MORRIS –The Morris City Council approved keeping its tax rate the same despite decreasing property values, but council members argued whether more could be saved for the taxpayers.
Since 2008 the City Council has approved its levy with a 65-cent tax rate for its property taxes and during its regular meeting Monday it approved its levy request with this same rate again.
“This includes funding the police pension at 100 percent and making a one-time payment to get people covered under [the Illinois Municipal Retirement Fund] caught up,” said Alderman Bill Martin, chairman of the Finance and Administration Committee.
The levy is for the fiscal year that began May 1 and ends April 30. The city files tax levies to make sure it captures all available property tax dollars once the total equalized assessed value (EAV), or property value, is determined.
The city’s total estimated levy is $1,693,250, which is 2.46 percent lower than the 2012 levy, Mayor Richard Kopczick said.
Of that amount, $25,000 is designated for the garbage fund, but Morris residents pay for their own garbage pick-up now, so Alderman Randy Larson questioned why they are being taxed for it.
For years the city paid for residents’ garbage pick up through income it received from host fees for local landfills. But as the landfills have filled up, they had to take in less garbage reducing fees it owed the city until it depleted. Before the city approved garbage fees for its residents, it had to loan the garbage fund money from the general fund to get through.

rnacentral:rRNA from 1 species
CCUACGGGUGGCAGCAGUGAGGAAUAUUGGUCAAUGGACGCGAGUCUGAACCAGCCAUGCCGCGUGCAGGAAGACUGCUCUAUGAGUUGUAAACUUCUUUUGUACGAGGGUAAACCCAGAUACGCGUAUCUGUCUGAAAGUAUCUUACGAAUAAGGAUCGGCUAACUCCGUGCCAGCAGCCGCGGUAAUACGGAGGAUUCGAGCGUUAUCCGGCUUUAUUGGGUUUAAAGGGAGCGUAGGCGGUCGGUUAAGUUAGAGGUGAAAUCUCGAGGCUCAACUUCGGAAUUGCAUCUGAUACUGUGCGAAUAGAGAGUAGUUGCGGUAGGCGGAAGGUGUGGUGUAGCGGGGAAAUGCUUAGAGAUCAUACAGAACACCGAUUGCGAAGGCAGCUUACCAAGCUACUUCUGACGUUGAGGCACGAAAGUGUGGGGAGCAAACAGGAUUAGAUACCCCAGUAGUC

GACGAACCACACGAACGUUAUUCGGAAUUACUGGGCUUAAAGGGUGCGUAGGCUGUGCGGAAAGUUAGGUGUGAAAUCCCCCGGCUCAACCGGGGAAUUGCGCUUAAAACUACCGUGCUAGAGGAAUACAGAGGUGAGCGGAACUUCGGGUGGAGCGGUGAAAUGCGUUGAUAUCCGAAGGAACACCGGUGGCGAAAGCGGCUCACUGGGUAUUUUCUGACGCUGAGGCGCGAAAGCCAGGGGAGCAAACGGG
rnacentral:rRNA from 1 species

Money still remains to be paid back to the general fund, but Budget Officer John Enger said he will be recommending the remaining balance be forgiven for next year’s budget. Kopczick said after the meeting about $150,000 is still owed to the general fund.
The $25,000 is to help repay that loan, as well as pay for other garbage-related costs such as paying for services at foreclosed or abandoned homes, Kopczick said. The tax rate portion for the garbage fund is one tenth of one cent of the entire 65-cent rate.
“This will put a buffer in if there is a shortfall,” he said.
“It appears to me, and it appears to others, citizens of Morris are paying for garbage through taxes and through themselves [through the garbage fees],” Larson said.
The debate became heated between some of the aldermen and the mayor. Kopczick reiterated that if a shortfall occurs, without the $25,000 the city council would have to amend the budget and move the money over from the general fund again to cover the costs.
Larson said when the garbage fees were implemented the Health and Sanitation Committee said the garbage tax would be eliminated.
“We’re still working on it, we’re getting there,” Kopczick said. “We have knocked 80 percent off.”
Last year’s levy designated $124,816 in the garbage fund.
Kopczick added that despite falling total EAV, the city continues to maintain its tax rate despite other taxing bodies in the city raising their rates. Since 2009 the total EAV has gone down about $60 million.
“I’m not disagreeing, I’m saying its an opportunity to make it lower for the citizens,” Larson said.
The levy also reflects an increase in the police pension and municipal retirement funds. Pension costs have increased and the city decided to continue to pay 100 percent for 22 years instead of taking a 90 percent option for 30 years, as allowed by public act, Kopczick said after the meeting. In addition, it had to make IMRF adjustments that resulted in city having to pay some money back.
Aldermen Larson and Don Matteson voted against the levy.